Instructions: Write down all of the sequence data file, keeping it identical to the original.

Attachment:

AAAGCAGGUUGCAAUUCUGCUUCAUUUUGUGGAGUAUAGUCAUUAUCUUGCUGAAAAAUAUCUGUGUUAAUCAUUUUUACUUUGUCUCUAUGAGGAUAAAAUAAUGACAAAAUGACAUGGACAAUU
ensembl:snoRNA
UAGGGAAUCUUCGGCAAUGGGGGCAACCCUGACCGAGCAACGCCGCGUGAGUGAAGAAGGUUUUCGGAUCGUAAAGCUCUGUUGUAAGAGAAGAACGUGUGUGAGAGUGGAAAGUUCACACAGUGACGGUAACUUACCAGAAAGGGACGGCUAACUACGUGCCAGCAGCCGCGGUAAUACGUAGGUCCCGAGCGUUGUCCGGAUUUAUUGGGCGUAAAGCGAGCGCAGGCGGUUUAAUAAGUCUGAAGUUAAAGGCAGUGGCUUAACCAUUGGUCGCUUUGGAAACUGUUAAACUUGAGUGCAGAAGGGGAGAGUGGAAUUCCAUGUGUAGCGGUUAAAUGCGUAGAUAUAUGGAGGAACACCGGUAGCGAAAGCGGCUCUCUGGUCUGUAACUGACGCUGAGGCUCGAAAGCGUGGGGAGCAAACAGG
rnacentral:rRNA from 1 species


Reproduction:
AAAGCAGGUUGCAAUUCUGCUUCAUUUUGUGGAGUAUAGUCAUUAUCUUGCUGAAAAAUAUCUGUGUUAAUCAUUUUUACUUUGUCUCUAUGAGGAUAAAAUAAUGACAAAAUGACAUGGACAAUU
ensembl:snoRNA
UAGGGAAUCUUCGGCAAUGGGGGCAACCCUGACCGAGCAACGCCGCGUGAGUGAAGAAGGUUUUCGGAUCGUAAAGCUCUGUUGUAAGAGAAGAACGUGUGUGAGAGUGGAAAGUUCACACAGUGACGGUAACUUACCAGAAAGGGACGGCUAACUACGUGCCAGCAGCCGCGGUAAUACGUAGGUCCCGAGCGUUGUCCGGAUUUAUUGGGCGUAAAGCGAGCGCAGGCGGUUUAAUAAGUCUGAAGUUAAAGGCAGUGGCUUAACCAUUGGUCGCUUUGGAAACUGUUAAACUUGAGUGCAGAAGGGGAGAGUGGAAUUCCAUGUGUAGCGGUUAAAUGCGUAGAUAUAUGGAGGAACACCGGUAGCGAAAGCGGCUCUCUGGUCUGUAACUGACGCUGAGGCUCGAAAGCGUGGGGAGCAAACAGG
rnacentral:rRNA from 1 species